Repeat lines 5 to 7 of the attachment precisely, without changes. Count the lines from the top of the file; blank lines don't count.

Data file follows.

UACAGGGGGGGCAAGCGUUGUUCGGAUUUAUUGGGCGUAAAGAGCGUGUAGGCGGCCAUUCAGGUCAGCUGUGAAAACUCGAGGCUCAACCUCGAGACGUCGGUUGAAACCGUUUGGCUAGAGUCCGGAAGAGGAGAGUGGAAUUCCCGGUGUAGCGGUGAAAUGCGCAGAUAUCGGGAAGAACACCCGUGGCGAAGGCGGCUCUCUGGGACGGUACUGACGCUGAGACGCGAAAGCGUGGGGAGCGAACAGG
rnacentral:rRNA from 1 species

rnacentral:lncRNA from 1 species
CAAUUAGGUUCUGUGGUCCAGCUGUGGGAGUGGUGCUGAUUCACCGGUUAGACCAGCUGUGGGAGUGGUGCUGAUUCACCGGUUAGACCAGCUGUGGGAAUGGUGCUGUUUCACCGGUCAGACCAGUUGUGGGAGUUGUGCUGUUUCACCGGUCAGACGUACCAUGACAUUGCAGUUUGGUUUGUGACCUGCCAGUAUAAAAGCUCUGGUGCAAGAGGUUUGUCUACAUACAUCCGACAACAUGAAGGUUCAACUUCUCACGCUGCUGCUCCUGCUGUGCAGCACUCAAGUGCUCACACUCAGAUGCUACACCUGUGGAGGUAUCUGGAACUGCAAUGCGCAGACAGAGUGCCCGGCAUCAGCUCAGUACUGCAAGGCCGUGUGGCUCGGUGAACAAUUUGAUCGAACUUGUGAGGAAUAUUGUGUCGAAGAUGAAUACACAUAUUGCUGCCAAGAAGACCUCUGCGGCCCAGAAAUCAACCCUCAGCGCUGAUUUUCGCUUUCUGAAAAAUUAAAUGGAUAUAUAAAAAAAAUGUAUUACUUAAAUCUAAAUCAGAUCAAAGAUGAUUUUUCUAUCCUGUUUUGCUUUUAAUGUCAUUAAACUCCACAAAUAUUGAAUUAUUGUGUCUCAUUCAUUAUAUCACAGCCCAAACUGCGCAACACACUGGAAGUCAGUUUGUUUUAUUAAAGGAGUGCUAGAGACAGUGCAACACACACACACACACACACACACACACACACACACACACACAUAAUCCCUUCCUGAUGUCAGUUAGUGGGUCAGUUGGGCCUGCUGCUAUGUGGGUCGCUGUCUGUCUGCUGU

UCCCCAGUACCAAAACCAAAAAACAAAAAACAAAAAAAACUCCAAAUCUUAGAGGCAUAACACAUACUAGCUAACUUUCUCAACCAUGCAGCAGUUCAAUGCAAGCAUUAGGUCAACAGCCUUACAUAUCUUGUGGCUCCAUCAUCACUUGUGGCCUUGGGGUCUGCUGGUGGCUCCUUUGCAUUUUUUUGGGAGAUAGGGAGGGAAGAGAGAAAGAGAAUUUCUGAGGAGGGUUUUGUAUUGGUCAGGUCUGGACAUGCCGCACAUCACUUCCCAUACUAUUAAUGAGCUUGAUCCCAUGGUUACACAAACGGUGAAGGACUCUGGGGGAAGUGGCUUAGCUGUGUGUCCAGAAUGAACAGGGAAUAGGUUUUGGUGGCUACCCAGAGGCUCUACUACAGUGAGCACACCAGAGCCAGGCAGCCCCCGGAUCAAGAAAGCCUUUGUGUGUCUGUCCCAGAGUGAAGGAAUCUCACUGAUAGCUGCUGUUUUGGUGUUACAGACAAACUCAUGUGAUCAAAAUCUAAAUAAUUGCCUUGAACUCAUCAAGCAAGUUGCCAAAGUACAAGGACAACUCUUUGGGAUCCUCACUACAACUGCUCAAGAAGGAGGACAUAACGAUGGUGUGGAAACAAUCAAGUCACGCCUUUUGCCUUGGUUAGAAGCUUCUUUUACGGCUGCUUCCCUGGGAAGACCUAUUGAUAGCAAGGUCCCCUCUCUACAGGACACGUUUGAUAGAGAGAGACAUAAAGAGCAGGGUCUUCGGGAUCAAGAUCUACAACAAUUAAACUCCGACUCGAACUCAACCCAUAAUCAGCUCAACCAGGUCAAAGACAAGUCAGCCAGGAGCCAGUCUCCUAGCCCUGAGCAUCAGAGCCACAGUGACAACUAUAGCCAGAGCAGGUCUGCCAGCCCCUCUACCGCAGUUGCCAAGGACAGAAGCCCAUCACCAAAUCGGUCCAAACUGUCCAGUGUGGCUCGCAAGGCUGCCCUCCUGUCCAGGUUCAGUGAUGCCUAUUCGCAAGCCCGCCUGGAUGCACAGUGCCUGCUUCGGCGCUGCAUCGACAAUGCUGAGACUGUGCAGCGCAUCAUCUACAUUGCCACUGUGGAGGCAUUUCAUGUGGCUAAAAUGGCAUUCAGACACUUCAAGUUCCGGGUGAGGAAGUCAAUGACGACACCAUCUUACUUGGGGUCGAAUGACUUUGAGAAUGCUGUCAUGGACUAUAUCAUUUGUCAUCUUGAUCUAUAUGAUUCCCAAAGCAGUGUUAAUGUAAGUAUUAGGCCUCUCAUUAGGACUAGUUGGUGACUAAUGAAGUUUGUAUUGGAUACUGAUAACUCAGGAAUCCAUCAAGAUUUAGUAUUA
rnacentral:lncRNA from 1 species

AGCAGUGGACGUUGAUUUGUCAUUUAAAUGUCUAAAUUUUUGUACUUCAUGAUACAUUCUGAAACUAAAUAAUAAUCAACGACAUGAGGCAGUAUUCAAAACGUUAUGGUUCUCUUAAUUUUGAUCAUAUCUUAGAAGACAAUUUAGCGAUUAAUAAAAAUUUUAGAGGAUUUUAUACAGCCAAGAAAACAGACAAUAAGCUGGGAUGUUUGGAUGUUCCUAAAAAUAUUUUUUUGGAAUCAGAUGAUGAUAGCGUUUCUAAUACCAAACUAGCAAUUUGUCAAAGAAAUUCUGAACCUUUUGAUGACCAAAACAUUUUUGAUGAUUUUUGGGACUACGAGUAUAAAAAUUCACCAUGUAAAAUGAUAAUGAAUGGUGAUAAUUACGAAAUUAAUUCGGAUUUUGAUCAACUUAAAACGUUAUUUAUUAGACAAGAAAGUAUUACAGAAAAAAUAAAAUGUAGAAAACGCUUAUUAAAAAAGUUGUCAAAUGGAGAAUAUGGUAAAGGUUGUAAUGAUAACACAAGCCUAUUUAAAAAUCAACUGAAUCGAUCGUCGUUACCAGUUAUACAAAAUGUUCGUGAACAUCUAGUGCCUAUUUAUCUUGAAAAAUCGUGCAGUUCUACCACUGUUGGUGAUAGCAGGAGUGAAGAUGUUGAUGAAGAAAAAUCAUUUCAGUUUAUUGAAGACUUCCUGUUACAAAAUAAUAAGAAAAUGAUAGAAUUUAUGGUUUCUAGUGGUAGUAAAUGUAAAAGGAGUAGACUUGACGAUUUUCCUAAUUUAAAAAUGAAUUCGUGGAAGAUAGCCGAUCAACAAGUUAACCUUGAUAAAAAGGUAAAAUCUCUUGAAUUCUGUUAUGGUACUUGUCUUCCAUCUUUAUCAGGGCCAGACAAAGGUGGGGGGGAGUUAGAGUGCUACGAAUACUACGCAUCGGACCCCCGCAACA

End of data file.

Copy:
UCCCCAGUACCAAAACCAAAAAACAAAAAACAAAAAAAACUCCAAAUCUUAGAGGCAUAACACAUACUAGCUAACUUUCUCAACCAUGCAGCAGUUCAAUGCAAGCAUUAGGUCAACAGCCUUACAUAUCUUGUGGCUCCAUCAUCACUUGUGGCCUUGGGGUCUGCUGGUGGCUCCUUUGCAUUUUUUUGGGAGAUAGGGAGGGAAGAGAGAAAGAGAAUUUCUGAGGAGGGUUUUGUAUUGGUCAGGUCUGGACAUGCCGCACAUCACUUCCCAUACUAUUAAUGAGCUUGAUCCCAUGGUUACACAAACGGUGAAGGACUCUGGGGGAAGUGGCUUAGCUGUGUGUCCAGAAUGAACAGGGAAUAGGUUUUGGUGGCUACCCAGAGGCUCUACUACAGUGAGCACACCAGAGCCAGGCAGCCCCCGGAUCAAGAAAGCCUUUGUGUGUCUGUCCCAGAGUGAAGGAAUCUCACUGAUAGCUGCUGUUUUGGUGUUACAGACAAACUCAUGUGAUCAAAAUCUAAAUAAUUGCCUUGAACUCAUCAAGCAAGUUGCCAAAGUACAAGGACAACUCUUUGGGAUCCUCACUACAACUGCUCAAGAAGGAGGACAUAACGAUGGUGUGGAAACAAUCAAGUCACGCCUUUUGCCUUGGUUAGAAGCUUCUUUUACGGCUGCUUCCCUGGGAAGACCUAUUGAUAGCAAGGUCCCCUCUCUACAGGACACGUUUGAUAGAGAGAGACAUAAAGAGCAGGGUCUUCGGGAUCAAGAUCUACAACAAUUAAACUCCGACUCGAACUCAACCCAUAAUCAGCUCAACCAGGUCAAAGACAAGUCAGCCAGGAGCCAGUCUCCUAGCCCUGAGCAUCAGAGCCACAGUGACAACUAUAGCCAGAGCAGGUCUGCCAGCCCCUCUACCGCAGUUGCCAAGGACAGAAGCCCAUCACCAAAUCGGUCCAAACUGUCCAGUGUGGCUCGCAAGGCUGCCCUCCUGUCCAGGUUCAGUGAUGCCUAUUCGCAAGCCCGCCUGGAUGCACAGUGCCUGCUUCGGCGCUGCAUCGACAAUGCUGAGACUGUGCAGCGCAUCAUCUACAUUGCCACUGUGGAGGCAUUUCAUGUGGCUAAAAUGGCAUUCAGACACUUCAAGUUCCGGGUGAGGAAGUCAAUGACGACACCAUCUUACUUGGGGUCGAAUGACUUUGAGAAUGCUGUCAUGGACUAUAUCAUUUGUCAUCUUGAUCUAUAUGAUUCCCAAAGCAGUGUUAAUGUAAGUAUUAGGCCUCUCAUUAGGACUAGUUGGUGACUAAUGAAGUUUGUAUUGGAUACUGAUAACUCAGGAAUCCAUCAAGAUUUAGUAUUA
rnacentral:lncRNA from 1 species

AGCAGUGGACGUUGAUUUGUCAUUUAAAUGUCUAAAUUUUUGUACUUCAUGAUACAUUCUGAAACUAAAUAAUAAUCAACGACAUGAGGCAGUAUUCAAAACGUUAUGGUUCUCUUAAUUUUGAUCAUAUCUUAGAAGACAAUUUAGCGAUUAAUAAAAAUUUUAGAGGAUUUUAUACAGCCAAGAAAACAGACAAUAAGCUGGGAUGUUUGGAUGUUCCUAAAAAUAUUUUUUUGGAAUCAGAUGAUGAUAGCGUUUCUAAUACCAAACUAGCAAUUUGUCAAAGAAAUUCUGAACCUUUUGAUGACCAAAACAUUUUUGAUGAUUUUUGGGACUACGAGUAUAAAAAUUCACCAUGUAAAAUGAUAAUGAAUGGUGAUAAUUACGAAAUUAAUUCGGAUUUUGAUCAACUUAAAACGUUAUUUAUUAGACAAGAAAGUAUUACAGAAAAAAUAAAAUGUAGAAAACGCUUAUUAAAAAAGUUGUCAAAUGGAGAAUAUGGUAAAGGUUGUAAUGAUAACACAAGCCUAUUUAAAAAUCAACUGAAUCGAUCGUCGUUACCAGUUAUACAAAAUGUUCGUGAACAUCUAGUGCCUAUUUAUCUUGAAAAAUCGUGCAGUUCUACCACUGUUGGUGAUAGCAGGAGUGAAGAUGUUGAUGAAGAAAAAUCAUUUCAGUUUAUUGAAGACUUCCUGUUACAAAAUAAUAAGAAAAUGAUAGAAUUUAUGGUUUCUAGUGGUAGUAAAUGUAAAAGGAGUAGACUUGACGAUUUUCCUAAUUUAAAAAUGAAUUCGUGGAAGAUAGCCGAUCAACAAGUUAACCUUGAUAAAAAGGUAAAAUCUCUUGAAUUCUGUUAUGGUACUUGUCUUCCAUCUUUAUCAGGGCCAGACAAAGGUGGGGGGGAGUUAGAGUGCUACGAAUACUACGCAUCGGACCCCCGCAACA